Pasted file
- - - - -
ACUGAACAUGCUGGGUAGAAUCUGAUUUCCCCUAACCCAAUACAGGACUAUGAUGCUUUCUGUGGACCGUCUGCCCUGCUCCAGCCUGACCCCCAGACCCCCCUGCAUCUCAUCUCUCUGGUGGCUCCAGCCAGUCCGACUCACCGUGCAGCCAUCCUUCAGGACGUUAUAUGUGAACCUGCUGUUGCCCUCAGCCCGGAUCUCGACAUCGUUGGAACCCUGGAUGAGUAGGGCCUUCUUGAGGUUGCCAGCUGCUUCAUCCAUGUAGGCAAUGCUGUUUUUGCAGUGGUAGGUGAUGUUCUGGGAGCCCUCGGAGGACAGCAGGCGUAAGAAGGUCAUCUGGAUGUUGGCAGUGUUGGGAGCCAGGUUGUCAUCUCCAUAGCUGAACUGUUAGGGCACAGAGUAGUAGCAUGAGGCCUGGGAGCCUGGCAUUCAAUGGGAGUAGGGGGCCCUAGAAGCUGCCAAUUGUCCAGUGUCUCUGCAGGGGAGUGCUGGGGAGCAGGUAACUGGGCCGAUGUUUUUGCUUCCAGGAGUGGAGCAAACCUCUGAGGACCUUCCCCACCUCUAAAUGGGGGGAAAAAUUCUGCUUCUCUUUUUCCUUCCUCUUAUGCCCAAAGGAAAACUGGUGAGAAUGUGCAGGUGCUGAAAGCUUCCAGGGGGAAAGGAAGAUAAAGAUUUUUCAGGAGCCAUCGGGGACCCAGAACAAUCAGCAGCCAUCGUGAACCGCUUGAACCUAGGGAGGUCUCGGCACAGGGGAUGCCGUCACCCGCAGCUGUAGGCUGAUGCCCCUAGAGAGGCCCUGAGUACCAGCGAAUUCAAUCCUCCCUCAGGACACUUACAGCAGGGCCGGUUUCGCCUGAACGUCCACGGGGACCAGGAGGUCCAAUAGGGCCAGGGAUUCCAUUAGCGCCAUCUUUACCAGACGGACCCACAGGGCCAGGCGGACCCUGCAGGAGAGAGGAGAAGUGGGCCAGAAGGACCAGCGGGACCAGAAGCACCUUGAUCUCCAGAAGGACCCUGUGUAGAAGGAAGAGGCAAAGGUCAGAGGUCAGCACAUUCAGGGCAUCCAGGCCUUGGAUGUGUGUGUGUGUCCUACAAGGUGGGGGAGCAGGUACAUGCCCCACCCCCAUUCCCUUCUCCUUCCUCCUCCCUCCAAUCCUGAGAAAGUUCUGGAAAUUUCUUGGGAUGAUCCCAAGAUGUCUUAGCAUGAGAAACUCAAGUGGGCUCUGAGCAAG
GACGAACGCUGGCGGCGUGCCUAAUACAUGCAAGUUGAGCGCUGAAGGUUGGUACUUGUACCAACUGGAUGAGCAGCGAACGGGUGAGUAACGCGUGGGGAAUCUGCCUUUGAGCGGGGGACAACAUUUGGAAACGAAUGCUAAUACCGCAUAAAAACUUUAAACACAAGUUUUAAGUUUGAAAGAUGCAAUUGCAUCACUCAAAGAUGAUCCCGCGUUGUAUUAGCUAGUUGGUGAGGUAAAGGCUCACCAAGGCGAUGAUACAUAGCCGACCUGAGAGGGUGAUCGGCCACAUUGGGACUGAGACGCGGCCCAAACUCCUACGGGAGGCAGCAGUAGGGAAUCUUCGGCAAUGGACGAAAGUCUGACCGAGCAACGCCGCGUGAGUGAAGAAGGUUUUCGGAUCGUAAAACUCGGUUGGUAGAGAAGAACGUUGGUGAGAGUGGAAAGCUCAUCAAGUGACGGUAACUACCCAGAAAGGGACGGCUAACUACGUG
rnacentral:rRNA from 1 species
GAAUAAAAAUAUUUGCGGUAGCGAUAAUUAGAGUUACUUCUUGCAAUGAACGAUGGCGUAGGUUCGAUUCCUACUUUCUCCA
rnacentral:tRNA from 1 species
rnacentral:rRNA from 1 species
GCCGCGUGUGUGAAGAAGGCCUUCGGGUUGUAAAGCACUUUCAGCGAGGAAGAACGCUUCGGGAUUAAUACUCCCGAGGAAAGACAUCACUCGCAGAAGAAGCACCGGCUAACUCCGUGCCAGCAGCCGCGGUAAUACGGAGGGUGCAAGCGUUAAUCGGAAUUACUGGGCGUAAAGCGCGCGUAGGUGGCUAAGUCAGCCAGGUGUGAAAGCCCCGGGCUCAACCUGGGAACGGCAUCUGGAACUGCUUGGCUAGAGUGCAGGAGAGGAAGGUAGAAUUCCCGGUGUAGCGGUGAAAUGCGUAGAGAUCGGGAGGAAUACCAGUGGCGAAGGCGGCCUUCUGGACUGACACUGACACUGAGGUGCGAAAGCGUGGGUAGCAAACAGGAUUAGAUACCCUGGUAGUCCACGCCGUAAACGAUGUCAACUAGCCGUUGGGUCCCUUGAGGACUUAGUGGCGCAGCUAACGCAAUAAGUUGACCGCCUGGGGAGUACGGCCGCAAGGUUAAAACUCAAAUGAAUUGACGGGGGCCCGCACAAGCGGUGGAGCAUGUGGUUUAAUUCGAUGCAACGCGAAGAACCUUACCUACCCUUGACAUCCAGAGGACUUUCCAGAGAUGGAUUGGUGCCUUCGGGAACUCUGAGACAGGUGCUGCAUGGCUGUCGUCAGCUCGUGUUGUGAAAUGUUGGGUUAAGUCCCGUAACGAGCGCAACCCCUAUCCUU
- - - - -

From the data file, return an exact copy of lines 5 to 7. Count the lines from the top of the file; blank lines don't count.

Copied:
rnacentral:tRNA from 1 species
rnacentral:rRNA from 1 species
GCCGCGUGUGUGAAGAAGGCCUUCGGGUUGUAAAGCACUUUCAGCGAGGAAGAACGCUUCGGGAUUAAUACUCCCGAGGAAAGACAUCACUCGCAGAAGAAGCACCGGCUAACUCCGUGCCAGCAGCCGCGGUAAUACGGAGGGUGCAAGCGUUAAUCGGAAUUACUGGGCGUAAAGCGCGCGUAGGUGGCUAAGUCAGCCAGGUGUGAAAGCCCCGGGCUCAACCUGGGAACGGCAUCUGGAACUGCUUGGCUAGAGUGCAGGAGAGGAAGGUAGAAUUCCCGGUGUAGCGGUGAAAUGCGUAGAGAUCGGGAGGAAUACCAGUGGCGAAGGCGGCCUUCUGGACUGACACUGACACUGAGGUGCGAAAGCGUGGGUAGCAAACAGGAUUAGAUACCCUGGUAGUCCACGCCGUAAACGAUGUCAACUAGCCGUUGGGUCCCUUGAGGACUUAGUGGCGCAGCUAACGCAAUAAGUUGACCGCCUGGGGAGUACGGCCGCAAGGUUAAAACUCAAAUGAAUUGACGGGGGCCCGCACAAGCGGUGGAGCAUGUGGUUUAAUUCGAUGCAACGCGAAGAACCUUACCUACCCUUGACAUCCAGAGGACUUUCCAGAGAUGGAUUGGUGCCUUCGGGAACUCUGAGACAGGUGCUGCAUGGCUGUCGUCAGCUCGUGUUGUGAAAUGUUGGGUUAAGUCCCGUAACGAGCGCAACCCCUAUCCUU